8. Dick Whitman

    Dick Whitman Well-Known Member

    Fixed that for you.

    Although I would say that the dearth of higher-end people, particularly in math and science, is on the school systems more than parents. We had a loooooong, contentious thread about this a few months ago. LongTimeListener and I came about as close to blows on the Internet as two people can.
  9. poindexter

    poindexter Well-Known Member

    Got it.

    Not arguing the idiocy of religious right at all. But when looking at the disaster that much of our public schooling is turning out to be, that is a complete molehill compared to the mountain that is kids who are ill-prepared, unwilling and flat unable to participate in the education process. The gawd-awful horrible parenting/environment we have in this country where whole classes of kids don't give a shit about education.

    Just my opinion.
  10. Dick Whitman

    Dick Whitman Well-Known Member

    The Atlantic article starts out making the point that, from a CitiGroup study a few years ago, it is getting to the point where those classes don't even matter to the national economy any more. They contribute almost nothing. Do yourselves a favor and go find Crimsonace's excellent post about trying to get kids he teaches to give a shit about education. I can't remember what thread it was on, but I'll try to find it, too. Sounds like the most frustrating job in the world.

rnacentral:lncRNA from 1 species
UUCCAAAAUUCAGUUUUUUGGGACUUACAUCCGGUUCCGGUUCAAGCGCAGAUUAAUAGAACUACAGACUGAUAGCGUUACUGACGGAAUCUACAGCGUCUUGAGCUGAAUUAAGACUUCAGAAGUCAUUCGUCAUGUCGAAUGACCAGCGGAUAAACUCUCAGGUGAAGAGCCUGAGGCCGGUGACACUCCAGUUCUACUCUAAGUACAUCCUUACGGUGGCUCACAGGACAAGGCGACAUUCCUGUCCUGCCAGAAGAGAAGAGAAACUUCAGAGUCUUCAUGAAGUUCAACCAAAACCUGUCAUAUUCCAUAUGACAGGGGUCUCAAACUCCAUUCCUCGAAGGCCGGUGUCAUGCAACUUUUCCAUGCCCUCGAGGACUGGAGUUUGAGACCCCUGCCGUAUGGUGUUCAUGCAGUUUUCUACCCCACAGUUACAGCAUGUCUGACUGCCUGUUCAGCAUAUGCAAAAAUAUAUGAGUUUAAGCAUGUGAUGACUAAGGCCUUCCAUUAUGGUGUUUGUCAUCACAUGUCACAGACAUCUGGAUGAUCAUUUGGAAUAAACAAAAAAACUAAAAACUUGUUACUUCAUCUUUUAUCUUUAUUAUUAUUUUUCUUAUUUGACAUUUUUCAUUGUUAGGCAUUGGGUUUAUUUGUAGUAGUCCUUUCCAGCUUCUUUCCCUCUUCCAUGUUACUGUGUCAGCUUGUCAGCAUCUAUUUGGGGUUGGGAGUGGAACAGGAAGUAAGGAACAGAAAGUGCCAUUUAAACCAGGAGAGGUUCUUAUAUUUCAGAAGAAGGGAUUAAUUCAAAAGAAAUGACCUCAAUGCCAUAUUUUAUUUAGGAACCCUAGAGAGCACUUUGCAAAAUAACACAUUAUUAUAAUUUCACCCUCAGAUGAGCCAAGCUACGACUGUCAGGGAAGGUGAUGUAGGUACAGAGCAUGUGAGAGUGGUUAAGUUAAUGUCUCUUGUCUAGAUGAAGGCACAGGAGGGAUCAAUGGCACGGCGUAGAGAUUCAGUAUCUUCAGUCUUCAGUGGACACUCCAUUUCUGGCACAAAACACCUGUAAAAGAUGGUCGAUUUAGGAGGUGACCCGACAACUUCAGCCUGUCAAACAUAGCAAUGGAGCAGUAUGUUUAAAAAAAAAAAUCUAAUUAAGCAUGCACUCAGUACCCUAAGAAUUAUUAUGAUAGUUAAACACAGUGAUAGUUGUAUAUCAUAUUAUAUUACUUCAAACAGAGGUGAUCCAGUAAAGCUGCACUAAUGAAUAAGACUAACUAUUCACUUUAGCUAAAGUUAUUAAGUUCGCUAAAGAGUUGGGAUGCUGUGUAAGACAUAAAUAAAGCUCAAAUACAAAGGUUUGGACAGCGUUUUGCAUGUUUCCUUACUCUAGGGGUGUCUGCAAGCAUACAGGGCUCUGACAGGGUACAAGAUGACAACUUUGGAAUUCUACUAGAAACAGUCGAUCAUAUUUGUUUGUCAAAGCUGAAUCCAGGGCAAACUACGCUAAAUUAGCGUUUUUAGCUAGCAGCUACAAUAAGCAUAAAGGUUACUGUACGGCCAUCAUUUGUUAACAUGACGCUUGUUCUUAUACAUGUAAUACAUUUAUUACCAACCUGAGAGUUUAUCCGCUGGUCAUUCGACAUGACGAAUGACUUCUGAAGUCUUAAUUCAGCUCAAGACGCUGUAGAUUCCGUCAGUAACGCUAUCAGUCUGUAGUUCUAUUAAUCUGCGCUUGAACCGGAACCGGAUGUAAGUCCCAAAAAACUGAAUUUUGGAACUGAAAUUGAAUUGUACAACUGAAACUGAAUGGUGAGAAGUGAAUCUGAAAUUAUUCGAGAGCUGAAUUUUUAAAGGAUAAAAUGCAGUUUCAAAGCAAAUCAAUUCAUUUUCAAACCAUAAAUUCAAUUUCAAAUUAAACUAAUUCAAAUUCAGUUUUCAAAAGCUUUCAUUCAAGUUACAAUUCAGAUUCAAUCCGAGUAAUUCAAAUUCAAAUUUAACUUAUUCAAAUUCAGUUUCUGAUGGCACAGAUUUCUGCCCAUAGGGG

11. Bob Cook

    Bob Cook Active Member

    I agree with you, in that schools are woefully underfunded and unprepared to teach a class of children that is increasingly coming out of broken, poverty-stricken homes, and needs a lot more work and attention. Especially if the parents are absent, don't care, etc. There are lousy schools and teachers, to be sure, but for the most part, standardized tests most successfully measure how wealthy and stable the overall school community is.

    Problem is, these people exist, they grow up, and as a country we need to figure out what to do with them. Throwing them in the garbage isn't an option. Not merely because it just seems cruel, but there are too many of them.

    As an aside, I heard some interesting reasoning from a Chicago teacher as to why Rahm Emanual shouldn't lengthen the school day. She said she has students who are the main breadwinners in their families, and need the hours to work. If true, that's just sad for so many reasons.
  12. Dick Whitman

    Dick Whitman Well-Known Member

    This is merely anecdotal, but I think The Atlantic piece really hits on something when it talks about how difficult it has been to change the culture of males who want to work manual labor. For example, as stated, certain white-collar fields are growing or stable. Service industry jobs are growing or stable. But men want to work in manual labor like construction, where there are no jobs. At least the ones I've known. I suspect a lot of it is how they are raised. That's what it means to be a "man."

    A lot of, "It was good enough for me! It's good enough for you! That's what a man does!"

    In my area, the aging portion of the population gets hacked off - including letters to the editor - about the "yuppies" who commute into the city for their white-collar jobs that, you know, actually pay. They fight tooth and nail against train line extensions, for example. Because, well, "I walked into the steel mill the day after I graduated high school and worked there for forty years. Guess that's not good enough for you!"